This is the the last of three posts on the course I regularly teach, CS 330, Organization of Programming Languages. The first two posts covered programming language styles and mathematical concepts. This post covers the last 1/4 of the course, which focuses on software security, and related to that, the programming language Rust.
This course topic might strike you as odd: Why teach security in a programming languages course? Doesn’t it belong in, well, a security course? I believe that if we are to solve our security problems, then we must build software with security in mind right from the start. To do that, all programmers need to know something about security, not just a handful of specialists. Security vulnerabilities are both enabled and prevented by various language (mis)features, and programming (anti)patterns. As such, it makes sense to introduce these concepts in a programming (languages) course, especially one that all students must take.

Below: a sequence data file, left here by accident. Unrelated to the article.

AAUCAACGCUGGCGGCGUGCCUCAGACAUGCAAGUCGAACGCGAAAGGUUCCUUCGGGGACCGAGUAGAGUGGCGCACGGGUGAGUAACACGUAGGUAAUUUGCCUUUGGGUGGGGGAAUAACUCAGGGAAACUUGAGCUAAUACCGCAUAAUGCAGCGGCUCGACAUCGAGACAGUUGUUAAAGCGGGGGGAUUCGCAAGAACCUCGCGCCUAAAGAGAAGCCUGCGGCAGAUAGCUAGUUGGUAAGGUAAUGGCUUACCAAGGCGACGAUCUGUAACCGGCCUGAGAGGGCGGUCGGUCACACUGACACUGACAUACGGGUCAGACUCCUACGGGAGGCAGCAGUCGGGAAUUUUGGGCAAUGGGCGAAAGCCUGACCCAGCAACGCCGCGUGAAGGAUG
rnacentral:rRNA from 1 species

This post is broken into three parts: the need for security-minded programming, how we cover this topic in 330, and our presentation of Rust. The post came to be a bit longer than I’d anticipated; apologies!